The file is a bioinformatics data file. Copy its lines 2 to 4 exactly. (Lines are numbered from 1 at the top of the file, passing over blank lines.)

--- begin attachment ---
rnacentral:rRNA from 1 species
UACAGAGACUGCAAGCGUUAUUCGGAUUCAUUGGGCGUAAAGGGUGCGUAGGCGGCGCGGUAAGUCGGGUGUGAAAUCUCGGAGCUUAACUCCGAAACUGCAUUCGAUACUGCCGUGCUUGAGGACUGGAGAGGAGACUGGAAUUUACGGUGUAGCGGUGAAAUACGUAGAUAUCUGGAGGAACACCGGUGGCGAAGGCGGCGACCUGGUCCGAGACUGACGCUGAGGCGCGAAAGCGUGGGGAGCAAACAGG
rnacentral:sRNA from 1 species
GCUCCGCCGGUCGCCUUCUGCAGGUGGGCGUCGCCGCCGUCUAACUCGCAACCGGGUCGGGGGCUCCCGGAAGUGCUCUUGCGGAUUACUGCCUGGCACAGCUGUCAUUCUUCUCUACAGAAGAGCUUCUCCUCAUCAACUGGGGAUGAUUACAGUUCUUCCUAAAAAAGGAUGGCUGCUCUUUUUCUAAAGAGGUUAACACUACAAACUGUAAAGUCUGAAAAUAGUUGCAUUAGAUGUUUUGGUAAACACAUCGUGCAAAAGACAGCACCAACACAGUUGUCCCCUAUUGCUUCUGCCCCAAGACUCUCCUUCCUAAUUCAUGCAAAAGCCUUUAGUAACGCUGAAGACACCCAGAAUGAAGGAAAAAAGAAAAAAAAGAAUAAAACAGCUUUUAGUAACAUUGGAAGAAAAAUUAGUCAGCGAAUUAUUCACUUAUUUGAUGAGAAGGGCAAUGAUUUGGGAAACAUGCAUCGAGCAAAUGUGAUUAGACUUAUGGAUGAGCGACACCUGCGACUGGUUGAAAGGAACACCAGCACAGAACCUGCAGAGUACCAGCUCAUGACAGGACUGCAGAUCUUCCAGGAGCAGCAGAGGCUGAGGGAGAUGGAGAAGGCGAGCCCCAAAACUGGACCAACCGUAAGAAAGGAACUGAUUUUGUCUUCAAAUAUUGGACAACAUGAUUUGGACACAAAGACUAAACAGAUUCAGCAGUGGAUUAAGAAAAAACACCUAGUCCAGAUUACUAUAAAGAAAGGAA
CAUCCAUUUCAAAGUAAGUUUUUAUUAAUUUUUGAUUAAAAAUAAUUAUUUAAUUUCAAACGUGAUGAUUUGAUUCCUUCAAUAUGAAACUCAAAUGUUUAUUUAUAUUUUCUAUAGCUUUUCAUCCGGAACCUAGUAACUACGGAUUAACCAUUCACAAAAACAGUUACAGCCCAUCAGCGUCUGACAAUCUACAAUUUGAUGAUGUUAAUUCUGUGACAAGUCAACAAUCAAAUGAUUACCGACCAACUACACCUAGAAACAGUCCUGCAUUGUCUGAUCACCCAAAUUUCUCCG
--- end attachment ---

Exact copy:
UACAGAGACUGCAAGCGUUAUUCGGAUUCAUUGGGCGUAAAGGGUGCGUAGGCGGCGCGGUAAGUCGGGUGUGAAAUCUCGGAGCUUAACUCCGAAACUGCAUUCGAUACUGCCGUGCUUGAGGACUGGAGAGGAGACUGGAAUUUACGGUGUAGCGGUGAAAUACGUAGAUAUCUGGAGGAACACCGGUGGCGAAGGCGGCGACCUGGUCCGAGACUGACGCUGAGGCGCGAAAGCGUGGGGAGCAAACAGG
rnacentral:sRNA from 1 species
GCUCCGCCGGUCGCCUUCUGCAGGUGGGCGUCGCCGCCGUCUAACUCGCAACCGGGUCGGGGGCUCCCGGAAGUGCUCUUGCGGAUUACUGCCUGGCACAGCUGUCAUUCUUCUCUACAGAAGAGCUUCUCCUCAUCAACUGGGGAUGAUUACAGUUCUUCCUAAAAAAGGAUGGCUGCUCUUUUUCUAAAGAGGUUAACACUACAAACUGUAAAGUCUGAAAAUAGUUGCAUUAGAUGUUUUGGUAAACACAUCGUGCAAAAGACAGCACCAACACAGUUGUCCCCUAUUGCUUCUGCCCCAAGACUCUCCUUCCUAAUUCAUGCAAAAGCCUUUAGUAACGCUGAAGACACCCAGAAUGAAGGAAAAAAGAAAAAAAAGAAUAAAACAGCUUUUAGUAACAUUGGAAGAAAAAUUAGUCAGCGAAUUAUUCACUUAUUUGAUGAGAAGGGCAAUGAUUUGGGAAACAUGCAUCGAGCAAAUGUGAUUAGACUUAUGGAUGAGCGACACCUGCGACUGGUUGAAAGGAACACCAGCACAGAACCUGCAGAGUACCAGCUCAUGACAGGACUGCAGAUCUUCCAGGAGCAGCAGAGGCUGAGGGAGAUGGAGAAGGCGAGCCCCAAAACUGGACCAACCGUAAGAAAGGAACUGAUUUUGUCUUCAAAUAUUGGACAACAUGAUUUGGACACAAAGACUAAACAGAUUCAGCAGUGGAUUAAGAAAAAACACCUAGUCCAGAUUACUAUAAAGAAAGGAA